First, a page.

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Pistorius May Regain Blade Contract If Acquitted, Ossur Says

South African paralympic athlete Oscar Pistorius reacts on the fifth day of his trial for the 2013 murder of his girlfriend at the high court in Pretoria on March 7, 2014. Photographer: Theana Breugem/AFP/Getty Images
South African paralympic athlete Oscar Pistorius reacts on the fifth day of his trial for the 2013 murder of his girlfriend at the high court in Pretoria on March 7, 2014. Photographer: Theana Breugem/AFP/Getty Images

March 17 (Bloomberg) -- Ossur hf, the Icelandic company that manufactures the running blades used by Oscar Pistorius, said it would consider resuming ties with the paralympian if he is acquitted of charges that he murdered his girlfriend.

“Everything is possible in that regard,” Sveinn Solvason, Ossur’s chief financial officer, said yesterday by phone. “I don’t want to rule anything out. We just have to see how these things develop. We’ll just have to evaluate the position as time goes by.”

Pistorius, a six-time Paralympic gold medalist known as the blade runner because of the Ossur prosthetics he uses, has pleaded not guilty to the charge of intentionally killing model Reeva Steenkamp in his bathroom. The 27-year-old double-amputee says he thought she was an intruder when he shot her through a toilet cubicle. The prosecution alleges he shot Steenkamp three times after the couple had an argument.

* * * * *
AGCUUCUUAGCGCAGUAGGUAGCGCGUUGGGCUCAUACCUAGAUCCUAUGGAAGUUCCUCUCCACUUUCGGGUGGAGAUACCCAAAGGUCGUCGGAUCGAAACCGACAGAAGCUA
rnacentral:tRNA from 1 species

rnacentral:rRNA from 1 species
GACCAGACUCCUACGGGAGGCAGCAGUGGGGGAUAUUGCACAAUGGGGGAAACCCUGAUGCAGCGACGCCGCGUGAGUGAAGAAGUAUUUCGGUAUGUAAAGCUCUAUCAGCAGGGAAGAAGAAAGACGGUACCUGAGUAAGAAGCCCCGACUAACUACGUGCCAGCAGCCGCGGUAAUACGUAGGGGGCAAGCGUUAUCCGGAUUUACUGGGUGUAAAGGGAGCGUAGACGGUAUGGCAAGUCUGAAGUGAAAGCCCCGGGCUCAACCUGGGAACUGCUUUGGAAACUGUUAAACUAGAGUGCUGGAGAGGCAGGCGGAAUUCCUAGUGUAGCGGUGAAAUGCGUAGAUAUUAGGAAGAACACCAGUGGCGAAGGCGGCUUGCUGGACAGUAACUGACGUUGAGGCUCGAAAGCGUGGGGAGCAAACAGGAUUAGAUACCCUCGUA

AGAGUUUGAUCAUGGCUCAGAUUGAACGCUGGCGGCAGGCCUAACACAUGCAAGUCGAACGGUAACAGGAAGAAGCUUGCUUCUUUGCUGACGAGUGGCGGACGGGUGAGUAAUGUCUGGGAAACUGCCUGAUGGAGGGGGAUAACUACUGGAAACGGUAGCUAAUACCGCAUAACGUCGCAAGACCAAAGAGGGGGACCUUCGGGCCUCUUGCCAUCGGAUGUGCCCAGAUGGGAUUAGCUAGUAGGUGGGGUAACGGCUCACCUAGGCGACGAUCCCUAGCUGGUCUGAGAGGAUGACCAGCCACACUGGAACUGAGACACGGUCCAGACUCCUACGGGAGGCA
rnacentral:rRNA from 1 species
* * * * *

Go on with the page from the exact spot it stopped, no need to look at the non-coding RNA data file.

The defense last week highlighted police errors at the crime scene. Former investigator Schoombie van Rensburg said in his testimony that one policeman handled a gun without gloves, while the police officers and their bags were searched after a watch disappeared from the scene.

The murder charges have wrecked Pistorius’s career and Ossur said on Friday it had joined Nike Inc. and Luxottica Group SpA’s Oakley in dropping sponsorship deals with him. Ossur’s main office in the Icelandic capital has also removed all images of Pistorius that once adorned its walls.

Though Ossur sponsors a “large group” of athletes with disabilities, Pistorius “had a different status,” Solvason said. “He was a world famous athlete and we perhaps did more for him than for others.”

The athlete, who also faces three gun charges, has been free on 1 million rand ($93,000) bail. Judge Thokozile Masipa will give a final judgment after the trial, which is being broadcast live on radio and TV, because South Africa doesn’t have a jury system.

To contact the reporter on this story: Omar R. Valdimarsson in Reykjavik at valdimarsson@bloomberg.net

To contact the editors responsible for this story: Jonas Bergman at jbergman@bloomberg.net Tasneem Brogger

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